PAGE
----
High Atlas Foundation

The High Atlas Foundation (HAF) is a Moroccan association and a U.S. 501 (c) (3) nonprofit organization founded in 2000 by former Peace Corps Volunteers, and is dedicated to participatory grassroots human development in disadvantaged areas in Morocco, mostly rural. HAF received United Nations Special Consultative Status in 2011. HAF's team is comprised mostly of Moroccans with some international members. Using a participatory approach, HAF works to establish development projects in Morocco that local communities design and manage, and that are in partnership with government and non-government agencies. HAF is committed to facilitating, and training facilitators in, the participatory approac...
Jun 26, 2015

Women of Akrich, Unite!

Sacred Land & Nursery in Akrich
Sacred Land & Nursery in Akrich

Dear all,

Ramadan Mubarak!

While the “One Billion Tree” campaign continues to extend its roots over the generously donated sacred Jewish lands within Marrakech’s Tensift-Al Haouz region, something new is sprouting up in the village of Akrich, located in the Tamesloht region.

Using the participatory method, Amina Samkane, one of HAF’s dedicated and diligent team members, has recently begun collaborating with the women of Akrich to facilitate the emergence of the Association of Al Amal for the Promotion of Rural Women and Children in Akrich. The association has 11 official members, and will benefit over 60 families within the community.

The start of the organic intercultural agricultural initiative on February 9th, saw the planting of 30,000 saplings, seeds, and two year old trees--with the ultimate goal being 80-120,000 saplings, and is projecting to benefit as many as 10,000 people. While women, men, and children alike are included in the projected beneficiary group of 10,000, men have typically been the agricultural caretakers of the community, which has left women without direct involvement in these initiatives. As Amina noted, if there is anything the women of Akrich are, it is active- in the past the women helped build the mosque in Akrich, as well as organized a program for illiteracy.

The Association of Al Amal for the Promotion of Rural Women and Children in Akrich is an initiative dedicated solely to the women of Akrich for economic empowerment. The association, as decided by the Akrich women themselves, hopes to span some 200 meters on the donated Jewish land (each meter costs 200 dirhams). Establishing this space for the association is the women’s current and top priority, followed by the development of profitable projects--such as selling cakes and artisanal crafts--and organizing the construction of a sewage system, play space for children, and a formal trash collecting service and storage facility.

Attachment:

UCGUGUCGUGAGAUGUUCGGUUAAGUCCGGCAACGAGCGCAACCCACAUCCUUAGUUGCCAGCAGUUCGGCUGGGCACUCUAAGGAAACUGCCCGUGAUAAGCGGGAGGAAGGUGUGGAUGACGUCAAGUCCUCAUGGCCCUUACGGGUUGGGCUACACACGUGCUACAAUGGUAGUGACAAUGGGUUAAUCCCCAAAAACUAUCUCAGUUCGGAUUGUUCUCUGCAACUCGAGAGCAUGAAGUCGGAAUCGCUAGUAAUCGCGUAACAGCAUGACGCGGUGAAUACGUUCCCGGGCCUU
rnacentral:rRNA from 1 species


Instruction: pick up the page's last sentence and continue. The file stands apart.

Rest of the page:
Meanwhile the future of the “One Billion Tree” campaign looks bright, as the relationship between the Muslim and Jewish communities remains as strong as ever.

The High Atlas Foundation would like to extend its gratitude to all of its supporters! Thank you for helping us to achieve our mission of harboring sustainable prosperity in Morocco!

Wishing everyone a very happy Ramadan and/or wonderful summer thus far!

~The High Atlas Foundation Team~

Amina and Akrich Women Collaborating
Amina and Akrich Women Collaborating
Participatory Method-Social Mapping Up Close
Participatory Method-Social Mapping Up Close

Links:

Jun 2, 2015

Updates on Legal Aid Program in Mohammedia

Training Sessions in Mohamedia
Training Sessions in Mohamedia

Since March of 2015, the Legal Aid Program (LAP) has continued to achieve and exceed identified goals and objectives. Specifically, LAP has continued conducting weekly workshops, attended by the 46 CSO activists and 28 University Students. Additionally, the Advocacy Training Module was successfully completed and the team has started teaching the Communal Development Planning Training Module.

Fatna Sakni’s story is an example of one of the many benificiaries that has effectively implemented their training through LAP. Sakni, president of the Association Initiative and Citizenship, has been very successful in her advocacy efforts. Particularly in influencing the governor and Ain Harrouda community council decisions related to supporting and promoting small enterprises for women. Through her work with HAF, she was able to create a network of women’s groups interested in creating their own enterprises and cooperatives. Sakni took a leading role during meetings with the governor, the delegate of National Welfare and cooperatives and the elected community council. As a result, National Initiative for Human Development (INDH) funding was approved to create three cooperatives employing a gourd of 95 women.